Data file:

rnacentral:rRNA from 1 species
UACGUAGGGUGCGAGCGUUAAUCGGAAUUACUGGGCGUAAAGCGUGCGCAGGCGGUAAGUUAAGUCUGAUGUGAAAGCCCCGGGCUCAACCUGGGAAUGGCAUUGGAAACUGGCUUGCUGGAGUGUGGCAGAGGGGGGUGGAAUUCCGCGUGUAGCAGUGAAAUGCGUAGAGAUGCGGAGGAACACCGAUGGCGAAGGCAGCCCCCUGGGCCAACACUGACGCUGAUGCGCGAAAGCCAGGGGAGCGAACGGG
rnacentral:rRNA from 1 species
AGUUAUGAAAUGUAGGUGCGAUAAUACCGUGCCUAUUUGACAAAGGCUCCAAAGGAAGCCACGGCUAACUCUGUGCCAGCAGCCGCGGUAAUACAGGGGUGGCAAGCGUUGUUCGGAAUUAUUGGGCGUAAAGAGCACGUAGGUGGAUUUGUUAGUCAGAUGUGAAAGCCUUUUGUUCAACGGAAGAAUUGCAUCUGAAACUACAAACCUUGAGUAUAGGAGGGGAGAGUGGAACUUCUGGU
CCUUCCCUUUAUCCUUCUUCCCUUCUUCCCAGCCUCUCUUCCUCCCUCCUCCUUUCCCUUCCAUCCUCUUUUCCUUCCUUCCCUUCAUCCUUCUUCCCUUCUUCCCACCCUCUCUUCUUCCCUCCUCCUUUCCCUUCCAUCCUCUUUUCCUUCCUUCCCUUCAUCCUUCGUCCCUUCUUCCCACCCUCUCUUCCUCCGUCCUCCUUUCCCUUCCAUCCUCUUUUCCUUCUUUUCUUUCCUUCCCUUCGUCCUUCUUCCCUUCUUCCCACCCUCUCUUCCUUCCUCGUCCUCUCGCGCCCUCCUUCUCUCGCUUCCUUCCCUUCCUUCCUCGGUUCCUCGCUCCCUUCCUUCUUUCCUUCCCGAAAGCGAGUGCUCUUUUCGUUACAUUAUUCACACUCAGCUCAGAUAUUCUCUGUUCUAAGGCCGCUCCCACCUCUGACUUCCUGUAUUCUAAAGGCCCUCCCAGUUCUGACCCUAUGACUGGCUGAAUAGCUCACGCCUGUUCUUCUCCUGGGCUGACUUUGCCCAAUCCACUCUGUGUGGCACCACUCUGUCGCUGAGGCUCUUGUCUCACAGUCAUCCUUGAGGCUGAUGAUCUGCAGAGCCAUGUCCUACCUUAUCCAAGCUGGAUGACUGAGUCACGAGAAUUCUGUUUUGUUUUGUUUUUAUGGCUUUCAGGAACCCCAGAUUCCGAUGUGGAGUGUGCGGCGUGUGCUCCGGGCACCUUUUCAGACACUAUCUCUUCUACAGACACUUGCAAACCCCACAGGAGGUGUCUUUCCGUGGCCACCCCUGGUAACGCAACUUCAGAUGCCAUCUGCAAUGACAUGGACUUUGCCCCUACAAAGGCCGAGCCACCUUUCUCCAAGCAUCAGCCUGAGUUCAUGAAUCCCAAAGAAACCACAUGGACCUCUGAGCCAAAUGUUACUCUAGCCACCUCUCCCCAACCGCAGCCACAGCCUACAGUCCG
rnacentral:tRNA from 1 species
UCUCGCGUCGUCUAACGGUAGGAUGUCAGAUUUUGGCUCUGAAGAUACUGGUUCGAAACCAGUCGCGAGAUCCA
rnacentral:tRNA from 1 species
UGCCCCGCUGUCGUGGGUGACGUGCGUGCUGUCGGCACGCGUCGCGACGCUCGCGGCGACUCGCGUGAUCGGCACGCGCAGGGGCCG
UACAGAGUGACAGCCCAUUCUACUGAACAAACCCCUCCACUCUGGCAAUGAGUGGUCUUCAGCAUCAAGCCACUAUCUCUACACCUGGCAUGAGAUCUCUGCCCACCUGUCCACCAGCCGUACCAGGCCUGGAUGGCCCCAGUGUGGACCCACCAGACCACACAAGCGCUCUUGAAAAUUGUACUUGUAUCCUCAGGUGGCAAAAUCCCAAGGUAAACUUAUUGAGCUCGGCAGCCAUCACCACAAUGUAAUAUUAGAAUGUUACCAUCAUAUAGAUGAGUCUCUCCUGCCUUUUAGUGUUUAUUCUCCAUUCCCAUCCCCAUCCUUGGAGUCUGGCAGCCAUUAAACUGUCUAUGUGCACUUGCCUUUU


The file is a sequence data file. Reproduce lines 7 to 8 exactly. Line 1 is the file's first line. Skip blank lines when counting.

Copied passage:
UCUCGCGUCGUCUAACGGUAGGAUGUCAGAUUUUGGCUCUGAAGAUACUGGUUCGAAACCAGUCGCGAGAUCCA
rnacentral:tRNA from 1 species